Open Access

Network pharmacology and molecular docking analysis on molecular targets and mechanisms of Gastrodia elata Blume in the treatment of ischemic stroke

  • Authors:
    • Yuan Luo
    • Pu Chen
    • Liping Yang
    • Xiaohua Duan
  • View Affiliations

  • Published online on: November 3, 2022
  • Article Number: 742
  • Copyright: © Luo et al. This is an open access article distributed under the terms of Creative Commons Attribution License.

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Gastrodia elata Blume (GEB) is widely used to treat cardio-cerebrovascular disease in China and in traditional Chinese medicine it is considered to be a dispelling wind and dredging collateral. However, the mechanism and active components of the plant in treating ischemic stroke (IS) remain unclear. The present study aimed to identify the active components and mechanism of GEB in treating IS using network pharmacology and molecular docking technology. Network analysis predicted 752 potential targets from 14 compounds in GEB, sharing 32 key targets with IS-associated targets. Gene Ontology analysis of key targets showed that ‘oxidative stress’, ‘immune response’ and ‘regulation of blood circulation’ were significantly enriched. Kyoto Encyclopedia of Genes and Genomes pathway analysis indicated that the key targets regulated 11 representative pathways including ‘arachidonic acid metabolism’, ‘lipid and galactose metabolism’. In the protein-protein interaction network, five core targets, including toll-like receptor agonist, STAT3, myeloperoxidase (MPO), prostaglandin-endoperoxide synthase and matrix metalloproteinase (MMP)9, were identified and successfully docked with four active components: Palmitic acid, alexandrin, para-hydroxybenzaldehyde and gastrodin. Alexandrin, para-hydroxybenzaldehyde, and gastrodin are closely related to brain ischemia/reperfusion damage and repair. Therefore, to further verify the mechanism of action of three active components in the second part, we established the HT22 oxygen-glucose deprivation-reperfusion (OGD/R) model. Cell Counting Kit-8 assay and western blot analysis demonstrated that these three active components of GEB regulated core targets of molecular docking, such as STAT3, MPO and MMP9. In vitro experiments showed that OGD/R decreased cell survival, while this effect was reversed by the three active components of GEB. In addition, western blot analysis indicated that alexandrin upregulated expression of phosphorylated-STAT3, para-hydroxybenzaldehyde downregulated MPO and gastrodin downregulated MMP9. Therefore, the present study showed that GEB may prevent and treat IS via interaction between the active components and the main targets, which is key for investigating the efficacy of traditional Chinese medicine.


Stroke is the leading cause of disability and the second leading cause of death globally (1). Ischemic stroke (IS) accounts for ~80% of stroke cases and has become a major public health concern in the 21st century (2). At present, although clinical drugs and mechanical thrombolytic therapy have made progress in patient recovery (3), due to the time constraints of reperfusion therapy (to be administered within 4.5-6 h of stroke), secondary brain injury increases the risk of disability and recurrence of stroke in patients (4). Therefore, early prevention and treatment of IS are key challenges and need further investigation.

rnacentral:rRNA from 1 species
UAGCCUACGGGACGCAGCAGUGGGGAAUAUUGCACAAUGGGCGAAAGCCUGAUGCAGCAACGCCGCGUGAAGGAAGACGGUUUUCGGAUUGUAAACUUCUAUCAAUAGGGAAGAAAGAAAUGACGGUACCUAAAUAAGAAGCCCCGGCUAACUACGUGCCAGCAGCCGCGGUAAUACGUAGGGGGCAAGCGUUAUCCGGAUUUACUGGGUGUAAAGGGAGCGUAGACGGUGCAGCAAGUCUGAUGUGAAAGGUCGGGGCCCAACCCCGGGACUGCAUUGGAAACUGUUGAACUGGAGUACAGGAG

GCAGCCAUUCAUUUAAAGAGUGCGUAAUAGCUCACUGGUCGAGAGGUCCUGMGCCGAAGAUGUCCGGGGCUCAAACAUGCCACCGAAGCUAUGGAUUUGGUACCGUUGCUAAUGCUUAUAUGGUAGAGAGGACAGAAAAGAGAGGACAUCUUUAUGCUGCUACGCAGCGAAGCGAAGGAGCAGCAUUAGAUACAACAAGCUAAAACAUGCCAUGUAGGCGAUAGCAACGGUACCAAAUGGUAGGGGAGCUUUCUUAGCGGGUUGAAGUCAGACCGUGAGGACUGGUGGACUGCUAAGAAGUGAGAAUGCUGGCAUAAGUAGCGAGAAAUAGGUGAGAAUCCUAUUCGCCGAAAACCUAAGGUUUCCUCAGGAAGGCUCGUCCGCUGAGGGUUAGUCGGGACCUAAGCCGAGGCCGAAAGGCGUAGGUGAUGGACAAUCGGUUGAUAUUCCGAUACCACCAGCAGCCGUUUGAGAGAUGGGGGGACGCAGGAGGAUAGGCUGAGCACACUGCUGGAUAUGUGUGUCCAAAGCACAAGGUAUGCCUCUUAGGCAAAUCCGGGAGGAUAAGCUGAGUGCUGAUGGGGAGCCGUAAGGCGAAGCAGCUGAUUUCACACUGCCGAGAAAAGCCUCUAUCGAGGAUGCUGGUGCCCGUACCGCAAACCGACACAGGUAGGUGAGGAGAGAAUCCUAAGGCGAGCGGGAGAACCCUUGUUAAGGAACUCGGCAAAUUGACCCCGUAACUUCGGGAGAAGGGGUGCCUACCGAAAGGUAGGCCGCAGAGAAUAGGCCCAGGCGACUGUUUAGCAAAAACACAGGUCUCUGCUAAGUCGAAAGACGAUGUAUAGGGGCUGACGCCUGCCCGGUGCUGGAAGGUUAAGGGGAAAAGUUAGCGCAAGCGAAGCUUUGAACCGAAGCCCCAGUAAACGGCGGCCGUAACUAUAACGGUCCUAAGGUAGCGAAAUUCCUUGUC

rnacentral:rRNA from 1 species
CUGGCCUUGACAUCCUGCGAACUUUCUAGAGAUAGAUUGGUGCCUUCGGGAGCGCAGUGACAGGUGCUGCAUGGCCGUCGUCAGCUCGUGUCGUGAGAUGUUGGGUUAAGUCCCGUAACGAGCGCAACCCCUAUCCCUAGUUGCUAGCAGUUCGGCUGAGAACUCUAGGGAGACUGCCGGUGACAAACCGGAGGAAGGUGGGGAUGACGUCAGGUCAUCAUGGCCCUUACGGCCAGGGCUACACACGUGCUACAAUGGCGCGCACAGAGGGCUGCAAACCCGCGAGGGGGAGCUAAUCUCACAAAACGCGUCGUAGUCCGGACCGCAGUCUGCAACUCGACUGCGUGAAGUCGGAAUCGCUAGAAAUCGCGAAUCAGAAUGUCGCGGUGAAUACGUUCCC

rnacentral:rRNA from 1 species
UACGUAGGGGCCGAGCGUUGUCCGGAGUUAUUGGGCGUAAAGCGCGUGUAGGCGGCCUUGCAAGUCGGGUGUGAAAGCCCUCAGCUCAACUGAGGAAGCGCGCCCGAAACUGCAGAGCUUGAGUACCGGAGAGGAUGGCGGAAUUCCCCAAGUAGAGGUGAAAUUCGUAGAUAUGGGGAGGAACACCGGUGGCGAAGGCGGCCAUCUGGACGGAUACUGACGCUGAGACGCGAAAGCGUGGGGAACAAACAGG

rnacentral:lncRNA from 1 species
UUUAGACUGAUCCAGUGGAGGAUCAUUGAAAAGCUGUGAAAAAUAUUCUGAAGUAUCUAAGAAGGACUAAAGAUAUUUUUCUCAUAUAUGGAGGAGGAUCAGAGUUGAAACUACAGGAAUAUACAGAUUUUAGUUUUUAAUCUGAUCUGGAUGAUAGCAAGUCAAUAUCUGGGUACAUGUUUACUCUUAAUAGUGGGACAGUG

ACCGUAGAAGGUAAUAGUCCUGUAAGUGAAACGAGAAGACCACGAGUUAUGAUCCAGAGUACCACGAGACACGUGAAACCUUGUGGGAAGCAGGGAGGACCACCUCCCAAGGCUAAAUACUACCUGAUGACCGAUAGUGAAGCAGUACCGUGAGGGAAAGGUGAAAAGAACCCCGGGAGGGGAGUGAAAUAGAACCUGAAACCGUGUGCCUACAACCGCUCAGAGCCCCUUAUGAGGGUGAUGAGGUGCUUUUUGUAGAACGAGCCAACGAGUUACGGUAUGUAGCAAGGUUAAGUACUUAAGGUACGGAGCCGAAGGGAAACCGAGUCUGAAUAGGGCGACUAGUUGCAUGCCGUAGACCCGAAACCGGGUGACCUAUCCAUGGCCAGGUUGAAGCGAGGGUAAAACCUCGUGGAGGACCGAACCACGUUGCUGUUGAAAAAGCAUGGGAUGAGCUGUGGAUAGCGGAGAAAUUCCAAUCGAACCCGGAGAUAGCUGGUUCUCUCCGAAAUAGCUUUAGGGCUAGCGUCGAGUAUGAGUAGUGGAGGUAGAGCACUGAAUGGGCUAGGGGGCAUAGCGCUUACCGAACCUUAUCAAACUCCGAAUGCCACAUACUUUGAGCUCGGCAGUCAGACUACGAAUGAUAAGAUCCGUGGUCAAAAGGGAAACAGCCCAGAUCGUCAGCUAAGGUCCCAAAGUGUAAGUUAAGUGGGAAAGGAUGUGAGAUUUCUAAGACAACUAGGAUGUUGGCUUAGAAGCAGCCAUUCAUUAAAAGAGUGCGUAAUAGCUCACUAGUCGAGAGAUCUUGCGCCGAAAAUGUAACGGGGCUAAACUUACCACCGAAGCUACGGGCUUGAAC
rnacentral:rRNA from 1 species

The lack of specific medicines against IS has led to emergence of alternative and complementary therapy (5). For example, the World Health Organization (WHO) recommends acupuncture as an alternative and complementary strategy for stroke treatment (6). Chinese herbal medicines, such as Mailuoning, Xuesaitong, and BuchangNaoxintong were the patented Chinese herbal medicines likely to improve stroke recovery and have shown potential in complementary and alternative interventions for stroke treatment (7,8). In traditional Chinese medicine (TCM), it is considered that Gastrodia elata Blume (GEB) contrasts hyperactive liver, dispels wind and dredges collaterals (9). Moreover, GEB has been used as an anticonvulsant in Asian countries for several centuries (10). Specifically, several classical formulations of GEB have been widely used in clinical practice, such as Tianma Gouteng and Banxia Baizhu Tianma decoction for treating stroke, dementia and other neurodegenerative disease (11,12). In addition, GEB Chinese patent medicine is frequently used in the clinic. For example, Tianma injection in 53 patients with vertebrobasilar insufficiency showed a total effective rate significantly higher than that in the control group (13). Moreover, Tianma Duzhong capsule prescribed for the treatment of acute cerebral infarctions in 36 patients exhibited an effective rate of ~90% based on European Stroke Score (14). In a previous study, ethyl acetate extract of GEB showed a protective effect on ischemia/reperfusion (I/R) in rats by preventing death of hippocampal CA1 cells and significantly decreasing disruption of the blood-brain barrier (BBB) (15,16). In addition, both in vitro and in vivo studies have shown that GEB and its compounds protect against IS by decreasing damage to the neurological function and improving the energy metabolism of mitochondria (11,17). However, the treatment methods commonly used in clinical practice have limitations, such as poor brain targeting and limited ability to cross the BBB (18). Also, the mechanism and efficacy of GEB in preventing IS remain unclear. Therefore, it is essential to explore the effects of the GEB components and their targets in IS.